An emerging field of medicine based on orthomolecular theory holds that many physiological and mental illnesses are caused by chemical imbalances in the body. The word “orthomolecular” literally means “the right molecules” and refers to using the right nutrients in the right amounts to correct the imbalances that lead to various health disorders. These nutrients include vitamins, minerals, fatty acids, amino acids, antioxidants and enzymes.

Orthomolecular medicine is a term coined by Linus Pauling, the 20th-century physician whose research led to the discovery of the double-helix nature of DNA. In his later years, he was intrigued by the use of high dosages of nutrients such as vitamin C in the treatment of various diseases.

The principles of orthomolecular medicine revolve around the idea that each person has a unique biochemistry, with individual bodily needs. Therefore, treating physical and mental disorders must be carefully tailored to the individual. Because mental illness has been clearly linked to chemical imbalances, using nutrition as the basis for treatment can be highly successful in restoring brain function.

For decades, it has been known that schizophrenics tend to be severely deficient in niacin (vitamin B3). Over 30 years ago, Dr. Abram Hoffer began to use this understanding as the basis for treating schizophrenics with large doses of B3. Since that time, patients with mental illnesses ranging from depression to bipolar disorder to schizophrenia have been successfully treated with megadoses of vitamins and other nutrients based on their own personal biochemistry.

The various chemical imbalances and physiological disorders that are most closely linked to schizophrenia are described here:

  • Nutritional Deficiencies. Important nutrients such as vitamins, minerals, fatty acids, antioxidants, and amino acids are needed in our diets in order to provide the body with the tools it needs to function properly. The neurotransmitters that regulate how we think, feel, and process information require sufficient amounts of these nutrients to ensure that our brains are functioning normally. Deficiencies in these nutrients can lead to a wide array of health problems, including mental illness.
  • Poor Methylation. Methylation is a process by which molecules known as methyl groups are added to proteins (needed for the production of neurotransmitters and other important body chemicals) in order to keep them working at their optimum levels. When methylation is compromised, the result is the buildup of a substance known as homocysteine, which is responsible for a variety of physical and emotional disorders.
  • Hormone Imbalances. Hormones are important chemical messengers that have a tremendous impact on how we think and feel. Abnormally high or low amounts of hormones such as estrogen, thyroid hormone, and adrenal hormones greatly affect mood and cognition.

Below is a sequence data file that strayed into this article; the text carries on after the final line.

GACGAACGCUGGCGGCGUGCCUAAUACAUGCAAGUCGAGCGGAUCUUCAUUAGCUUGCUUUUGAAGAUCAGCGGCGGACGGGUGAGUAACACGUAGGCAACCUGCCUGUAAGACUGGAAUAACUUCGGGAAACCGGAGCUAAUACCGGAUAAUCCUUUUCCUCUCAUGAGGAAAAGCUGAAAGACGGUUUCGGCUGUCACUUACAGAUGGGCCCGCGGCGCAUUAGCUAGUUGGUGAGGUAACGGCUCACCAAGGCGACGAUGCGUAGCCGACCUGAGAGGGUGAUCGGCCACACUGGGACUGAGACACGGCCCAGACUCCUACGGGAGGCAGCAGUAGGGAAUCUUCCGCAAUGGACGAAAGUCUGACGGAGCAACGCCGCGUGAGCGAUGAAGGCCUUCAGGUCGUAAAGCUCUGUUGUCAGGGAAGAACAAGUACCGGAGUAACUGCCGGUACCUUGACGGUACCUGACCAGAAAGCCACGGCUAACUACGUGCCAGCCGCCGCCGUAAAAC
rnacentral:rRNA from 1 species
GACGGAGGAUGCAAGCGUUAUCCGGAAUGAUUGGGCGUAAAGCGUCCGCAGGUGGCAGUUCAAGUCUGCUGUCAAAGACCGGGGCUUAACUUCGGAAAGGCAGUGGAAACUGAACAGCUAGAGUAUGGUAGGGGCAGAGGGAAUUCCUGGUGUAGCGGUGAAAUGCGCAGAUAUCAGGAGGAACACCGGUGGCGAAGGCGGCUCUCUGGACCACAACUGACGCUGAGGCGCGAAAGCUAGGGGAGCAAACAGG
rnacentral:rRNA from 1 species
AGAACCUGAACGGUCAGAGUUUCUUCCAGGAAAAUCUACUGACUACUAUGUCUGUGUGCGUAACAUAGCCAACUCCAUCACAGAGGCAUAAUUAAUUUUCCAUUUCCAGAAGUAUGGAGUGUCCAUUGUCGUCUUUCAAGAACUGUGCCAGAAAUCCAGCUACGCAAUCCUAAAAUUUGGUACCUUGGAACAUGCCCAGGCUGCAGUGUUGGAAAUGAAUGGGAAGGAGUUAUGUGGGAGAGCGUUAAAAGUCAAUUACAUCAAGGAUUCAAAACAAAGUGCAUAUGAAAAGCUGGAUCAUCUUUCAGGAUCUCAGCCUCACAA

• Pyroluria. This chemical imbalance is the result of an abnormally large number of molecules known as pyrroles in the body. These molecules are known to bind themselves to zinc and vitamin B6, causing them to be excreted in the urine. Pyroluria is associated with a wide range of emotional and cognitive symptoms.
  • Brain Inflammation. When the immune system attacks invaders such as environmental irritants and toxins, it triggers inflammation in the brain and body; brain inflammation has been linked to virtually every type of mental illness and mood disorder.
  • Food Allergies. Allergic reactions to certain foods (most particularly milk, gluten, and eggs) trigger inflammation that frequently leads to mental instability and problems with cognition.
  • Poor Gut Function. Also known as “leaky gut,” this condition results in the release of mal-absorbed food particles; similar to food allergies, the immune system treats these particles as invaders, resulting in inflammation.
  • Histamine. Histamine is a protein that helps to regulate our immune response; it also acts as a neurotransmitter, triggering the release of other neurotransmitters such as dopamine and serotonin (note that schizophrenia is associated with high levels of dopamine and dopamine sensitivity). High levels of histamine are frequently present in schizophrenics and are responsible for a number of psychotic symptoms.
  • Heavy Metals. Heavy metals such as mercury and lead are ubiquitous in our environment. These harmful chemicals tend to build up in the body, and their presence has been associated with decreased memory and cognitive ability as well as a number of mood disorders.


In order to determine the appropriate functional treatment for schizophrenia, you will need to work with a naturopathic health care provider to identify the chemical imbalances which are responsible for your symptoms. Laboratory tests such as the following can pinpoint the various disorders at the root of your illness and help your health care practitioner determine the most appropriate course of treatment for you.